Caroline Wozniacki career ends with loss to Ons Jabeur at Australian Open

BBC

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Former world number one Caroline Wozniacki saw her hugely impressive career come to a close as she went out in the Australian Open third round.

Wozniacki, 29, revealed her intention to retire in November, fittingly calling time at the venue where she won her only Grand Slam title.

Now ranked 36th, Wozniacki’s 15-year career ended with a 7-5 3-6 7-5 defeat by Tunisia’s Ons Jabeur.

“It has been a great ride,” said the emotional Dane on Melbourne Arena.

“It is fitting my last match would be a three-setter, a grinder, and I’d finish my career with a forehand error – those are the things I have been working on my whole career,” joked Wozniacki.

“I guess it was meant to be.”

Wozniacki bows out having spent 71 weeks as the world number one, lifted 30 WTA titles and accumulated almost £27m of prize money.

Most significantly, she will always have that coveted Grand Slam title next to her name in the history books.

That came at the third time of asking, following two US Open final defeats, when she beat Simona Halep in the 2018 final at Melbourne Park to complete her “dream”.

Wozniacki was diagnosed with rheumatoid arthritis in 2018, although she has said that was not the sole reason behind her decision to retire.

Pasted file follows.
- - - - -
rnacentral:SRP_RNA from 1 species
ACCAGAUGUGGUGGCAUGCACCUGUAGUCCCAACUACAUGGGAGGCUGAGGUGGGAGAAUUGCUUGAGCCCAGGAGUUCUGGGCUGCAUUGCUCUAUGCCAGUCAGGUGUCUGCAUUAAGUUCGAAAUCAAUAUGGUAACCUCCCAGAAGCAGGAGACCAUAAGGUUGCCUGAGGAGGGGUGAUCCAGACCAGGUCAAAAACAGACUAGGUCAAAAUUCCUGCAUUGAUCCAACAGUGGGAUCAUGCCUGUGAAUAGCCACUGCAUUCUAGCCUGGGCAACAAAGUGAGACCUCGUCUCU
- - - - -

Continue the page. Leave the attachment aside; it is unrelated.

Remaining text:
She will “work on” the autoimmune disease which causes pain and inflammation in joints post-playing, but has also made it clear she wants to “achieve other things in life”.

Wozniacki has also enrolled at Harvard Business School and says she has a “slam-packed” diary over the next six months.

Her plans include going skiing with her family, a couple of “girls trips” and a belated honeymoon with her husband David, the former NBA basketball star who she married in June last year.

‘I don’t know how to say goodbye to you’ – players pay tribute

Tunisia’s Ons Jabeur: “Congrats on an amazing career. It was an honour to share the court with you today.

“Your fighting spirit has always inspired me and I wish you all the best in this next chapter of your life. You’ll be missed but I’m sure we will see you around.”

Canada’s 2014 Wimbledon finalist Eugenie Bouchard: “Just shed a few tears. Happy retirement!”

Russia’s Anastasia Pavlyuchenkova: “Seeing the family of Caroline and her cry made me so emotional uff! Congrats on such a great career and wishing you all the best in your next chapter!”

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